Hungry Harvest recovers agricultural surplus and provides healthy food to communities in Maryland and Washington D.C. at an affordable price. For every bag sold, the company makes a matching donation to a local family in need.
Food Tank sat down with COO and co-founder, John Zamora, to see how Hungry Harvest is working to reduce food waste.
Food Tank (FT): Tell us about how you got involved with Hungry Harvest?
John Zamora (JZ): One of our co-founders, Ben Simon, who is also the Executive Director of the Food Recovery Network, had the idea of being able to reduce food waste, support local agriculture, and provide those in need with nutritious food, by selling “ugly” produce. Ben and our CEO, Evan Lutz, created a pilot program called the Recovered Food CSA that sold this “ugly” produce in front of our student union for $5 for 5 lbs. About a month after the Recovered Food CSA’s creation, I began volunteering with them because I loved the concept, and then it began developing into the company it is now.
FT: How exactly does Hungry Harvest work?
JZ: We partner with local farms, gleaning networks, and suppliers who are able to provide us with surplus produce. We deliver the produce to our partner’s warehouse, Manna Food Center. We hire guys from the Montgomery County Coalition for the Homeless to help us with the triage and bagging process. After the bags of produce are assembled, our team of delivery drivers deliver bags of food right to our members doors. For every pound sold to one of our members, we donate a pound of produce to a local food bank, homeless shelter, or family in need. We have 300 paying members who have helped us recover over 115,000 lbs. of produce, of which over 62,000 lbs. has been donated to those in need. I love the synergy between residents, businesses, and charitable organizations to help further this awesome mission.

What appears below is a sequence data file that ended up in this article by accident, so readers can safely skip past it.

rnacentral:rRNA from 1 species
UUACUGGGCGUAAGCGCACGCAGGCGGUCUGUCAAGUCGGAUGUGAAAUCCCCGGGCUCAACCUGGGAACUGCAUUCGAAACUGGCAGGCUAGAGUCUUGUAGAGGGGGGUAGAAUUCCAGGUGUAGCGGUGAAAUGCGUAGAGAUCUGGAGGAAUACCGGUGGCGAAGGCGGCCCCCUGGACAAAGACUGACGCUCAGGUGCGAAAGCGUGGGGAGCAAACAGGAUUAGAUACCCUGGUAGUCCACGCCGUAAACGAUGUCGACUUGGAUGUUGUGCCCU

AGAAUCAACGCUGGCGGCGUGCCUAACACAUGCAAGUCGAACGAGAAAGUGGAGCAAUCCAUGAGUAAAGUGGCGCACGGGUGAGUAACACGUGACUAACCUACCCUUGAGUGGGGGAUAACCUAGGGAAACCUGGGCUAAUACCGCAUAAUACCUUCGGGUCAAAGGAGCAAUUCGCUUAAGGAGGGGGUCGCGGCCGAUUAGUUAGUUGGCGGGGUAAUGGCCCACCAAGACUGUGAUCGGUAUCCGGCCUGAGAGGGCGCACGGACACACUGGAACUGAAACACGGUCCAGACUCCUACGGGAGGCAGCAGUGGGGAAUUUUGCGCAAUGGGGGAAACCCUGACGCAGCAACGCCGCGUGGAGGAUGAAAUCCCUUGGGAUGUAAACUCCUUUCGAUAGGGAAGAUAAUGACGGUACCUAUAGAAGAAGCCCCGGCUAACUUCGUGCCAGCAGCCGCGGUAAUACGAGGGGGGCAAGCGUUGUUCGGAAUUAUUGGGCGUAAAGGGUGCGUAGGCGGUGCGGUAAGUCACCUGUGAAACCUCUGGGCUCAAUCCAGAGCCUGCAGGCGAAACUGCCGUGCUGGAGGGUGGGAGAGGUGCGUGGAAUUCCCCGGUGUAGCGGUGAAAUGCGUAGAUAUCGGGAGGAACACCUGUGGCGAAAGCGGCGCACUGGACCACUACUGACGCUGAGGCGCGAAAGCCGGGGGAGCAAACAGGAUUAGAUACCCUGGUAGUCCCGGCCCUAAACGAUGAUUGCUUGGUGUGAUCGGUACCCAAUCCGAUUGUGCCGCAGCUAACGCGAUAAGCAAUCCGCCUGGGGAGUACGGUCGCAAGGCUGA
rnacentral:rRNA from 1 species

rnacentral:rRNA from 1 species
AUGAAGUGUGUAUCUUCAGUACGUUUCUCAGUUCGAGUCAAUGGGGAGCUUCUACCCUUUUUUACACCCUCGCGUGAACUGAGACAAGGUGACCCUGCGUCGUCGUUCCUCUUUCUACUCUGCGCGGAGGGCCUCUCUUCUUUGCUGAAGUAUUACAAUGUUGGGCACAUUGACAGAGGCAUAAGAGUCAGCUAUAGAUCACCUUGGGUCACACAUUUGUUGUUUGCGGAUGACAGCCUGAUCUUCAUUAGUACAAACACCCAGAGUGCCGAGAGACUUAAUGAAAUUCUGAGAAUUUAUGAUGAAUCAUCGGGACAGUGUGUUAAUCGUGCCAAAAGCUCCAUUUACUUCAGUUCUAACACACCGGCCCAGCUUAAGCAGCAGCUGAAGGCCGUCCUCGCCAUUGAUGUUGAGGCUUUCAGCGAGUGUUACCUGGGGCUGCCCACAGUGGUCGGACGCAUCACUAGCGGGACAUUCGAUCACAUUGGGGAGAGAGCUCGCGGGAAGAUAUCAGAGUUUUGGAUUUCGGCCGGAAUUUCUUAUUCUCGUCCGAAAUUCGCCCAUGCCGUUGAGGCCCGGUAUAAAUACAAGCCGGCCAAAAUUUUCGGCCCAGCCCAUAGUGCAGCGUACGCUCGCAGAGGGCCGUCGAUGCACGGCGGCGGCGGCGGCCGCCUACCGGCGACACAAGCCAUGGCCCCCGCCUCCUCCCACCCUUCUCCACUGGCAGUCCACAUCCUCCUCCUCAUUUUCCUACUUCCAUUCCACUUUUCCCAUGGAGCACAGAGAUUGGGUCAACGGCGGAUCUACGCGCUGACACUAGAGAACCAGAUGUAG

FT: How big of a problem do you perceive food waste to be in the United States, and what is unique about Hungry Harvest’s approach to tackling that issue?
JZ: There are approximately 6 billion pounds of produce that go to waste each year while there are close to 50 million Americans who are reported as suffering from Hunger. It’s a huge and frustrating issue to see this unlimited supply going to waste. Hungry Harvest’s approach is unique because we are helping to reduce food waste by eliminating the stigma associated with surplus and “ugly” produce. We sign people up for a subscription model, much like a CSA. It’s 30-50 percent cheaper, and for every bag you buy, you are also helping feed those in need.
FT: Do you ever have issues with not being able to glean enough produce for the shares?
JZ: We have always been able to glean enough produce for our members. If there is ever a shortage of produce for us to glean, then there isn’t as much food being wasted. If one day we don’t have any surplus/ “ugly” produce, then that’s a good thing, since there won’t be any food waste.
FT: What are the biggest challenges to growing the number of subscribers to Hungry Harvest?
JZ: It’s really about awareness.I would say 10/10 people would love the idea; it’s just getting in front of those potential members that has been the biggest challenge in scaling.
FT: You are currently based in the Washington, DC and Baltimore areas; are there any plans to bring Hungry Harvest to other parts of the U.S.?
JZ: I would love it if one day we could take our operations to a warmer part of the country, but for right now we are focusing on increasing the density in the areas we currently serve. We do however expect to be in Virginia by the end of 2015.
FT: If there is one thing Food Tank subscribers could do to support Hungry Harvest’s mission, what would that be?
JZ: Eat ugly fruit. There is no reason to choose “perfect” produce over “ugly” produce, because after all, it’s what’s on the inside that counts! Check out our website at www.hungryharvest.net. If you live in the DC, Baltimore, MD areas we serve then sign up, tell your friends to sign up, tell your grumpy neighbor to sign up because combating food waste and feeding those in need is something that requires collaboration.